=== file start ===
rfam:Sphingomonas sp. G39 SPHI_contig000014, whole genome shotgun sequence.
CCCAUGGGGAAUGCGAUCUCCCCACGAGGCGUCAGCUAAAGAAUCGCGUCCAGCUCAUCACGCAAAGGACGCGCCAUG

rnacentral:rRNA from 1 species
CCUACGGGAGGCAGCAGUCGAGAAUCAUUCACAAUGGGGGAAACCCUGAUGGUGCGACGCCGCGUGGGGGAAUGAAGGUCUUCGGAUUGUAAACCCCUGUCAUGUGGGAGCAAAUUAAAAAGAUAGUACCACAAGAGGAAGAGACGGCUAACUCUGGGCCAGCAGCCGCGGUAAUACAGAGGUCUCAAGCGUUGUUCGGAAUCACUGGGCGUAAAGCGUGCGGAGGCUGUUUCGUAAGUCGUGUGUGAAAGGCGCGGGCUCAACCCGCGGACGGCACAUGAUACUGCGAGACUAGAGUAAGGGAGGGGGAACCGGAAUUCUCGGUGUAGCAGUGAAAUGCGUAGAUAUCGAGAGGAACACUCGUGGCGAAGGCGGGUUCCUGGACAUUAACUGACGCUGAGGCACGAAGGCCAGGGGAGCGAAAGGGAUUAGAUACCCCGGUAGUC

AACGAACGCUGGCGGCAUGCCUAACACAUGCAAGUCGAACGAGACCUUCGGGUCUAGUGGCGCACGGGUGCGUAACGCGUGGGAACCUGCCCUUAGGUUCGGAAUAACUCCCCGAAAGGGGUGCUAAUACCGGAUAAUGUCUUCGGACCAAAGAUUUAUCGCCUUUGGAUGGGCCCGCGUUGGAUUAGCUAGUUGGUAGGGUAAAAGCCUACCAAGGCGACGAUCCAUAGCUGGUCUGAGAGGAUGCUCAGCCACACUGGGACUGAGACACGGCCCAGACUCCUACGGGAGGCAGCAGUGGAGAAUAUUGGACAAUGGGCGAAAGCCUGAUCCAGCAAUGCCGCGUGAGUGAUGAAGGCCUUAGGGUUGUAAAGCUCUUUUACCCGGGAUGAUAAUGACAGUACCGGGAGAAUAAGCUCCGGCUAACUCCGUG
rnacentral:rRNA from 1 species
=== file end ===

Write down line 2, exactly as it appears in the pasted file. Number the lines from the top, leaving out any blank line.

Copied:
CCCAUGGGGAAUGCGAUCUCCCCACGAGGCGUCAGCUAAAGAAUCGCGUCCAGCUCAUCACGCAAAGGACGCGCCAUG